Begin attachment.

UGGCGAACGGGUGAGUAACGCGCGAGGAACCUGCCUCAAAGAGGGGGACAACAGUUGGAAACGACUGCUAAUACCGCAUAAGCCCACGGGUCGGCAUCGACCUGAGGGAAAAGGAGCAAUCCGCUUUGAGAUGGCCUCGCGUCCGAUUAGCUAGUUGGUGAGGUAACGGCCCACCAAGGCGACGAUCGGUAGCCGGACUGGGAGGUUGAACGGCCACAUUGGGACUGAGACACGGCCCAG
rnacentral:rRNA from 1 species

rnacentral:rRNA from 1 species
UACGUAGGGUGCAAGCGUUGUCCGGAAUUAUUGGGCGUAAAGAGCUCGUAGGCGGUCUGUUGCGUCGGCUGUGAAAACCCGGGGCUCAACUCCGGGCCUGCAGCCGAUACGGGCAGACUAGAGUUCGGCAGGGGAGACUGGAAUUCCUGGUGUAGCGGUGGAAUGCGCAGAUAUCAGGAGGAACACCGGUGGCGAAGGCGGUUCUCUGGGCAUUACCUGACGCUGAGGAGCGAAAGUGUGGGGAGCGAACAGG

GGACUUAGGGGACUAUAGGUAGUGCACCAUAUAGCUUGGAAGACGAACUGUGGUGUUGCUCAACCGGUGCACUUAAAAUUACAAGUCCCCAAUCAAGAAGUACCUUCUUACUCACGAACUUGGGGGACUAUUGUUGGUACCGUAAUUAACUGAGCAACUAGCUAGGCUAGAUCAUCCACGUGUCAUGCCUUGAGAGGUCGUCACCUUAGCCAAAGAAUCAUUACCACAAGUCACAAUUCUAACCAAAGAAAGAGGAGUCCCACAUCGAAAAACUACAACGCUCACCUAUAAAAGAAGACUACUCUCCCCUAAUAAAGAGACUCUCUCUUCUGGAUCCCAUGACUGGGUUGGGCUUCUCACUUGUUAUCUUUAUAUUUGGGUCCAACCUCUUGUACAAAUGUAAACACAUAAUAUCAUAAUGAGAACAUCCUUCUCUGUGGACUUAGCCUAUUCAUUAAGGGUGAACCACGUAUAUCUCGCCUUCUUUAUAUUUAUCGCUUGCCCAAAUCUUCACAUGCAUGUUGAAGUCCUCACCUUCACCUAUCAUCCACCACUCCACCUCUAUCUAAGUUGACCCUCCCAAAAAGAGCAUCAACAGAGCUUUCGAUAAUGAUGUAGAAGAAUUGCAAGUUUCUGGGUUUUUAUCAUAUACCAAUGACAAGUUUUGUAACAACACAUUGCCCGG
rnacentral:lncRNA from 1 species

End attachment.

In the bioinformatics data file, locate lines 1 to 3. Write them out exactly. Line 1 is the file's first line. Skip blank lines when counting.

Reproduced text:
UGGCGAACGGGUGAGUAACGCGCGAGGAACCUGCCUCAAAGAGGGGGACAACAGUUGGAAACGACUGCUAAUACCGCAUAAGCCCACGGGUCGGCAUCGACCUGAGGGAAAAGGAGCAAUCCGCUUUGAGAUGGCCUCGCGUCCGAUUAGCUAGUUGGUGAGGUAACGGCCCACCAAGGCGACGAUCGGUAGCCGGACUGGGAGGUUGAACGGCCACAUUGGGACUGAGACACGGCCCAG
rnacentral:rRNA from 1 species

rnacentral:rRNA from 1 species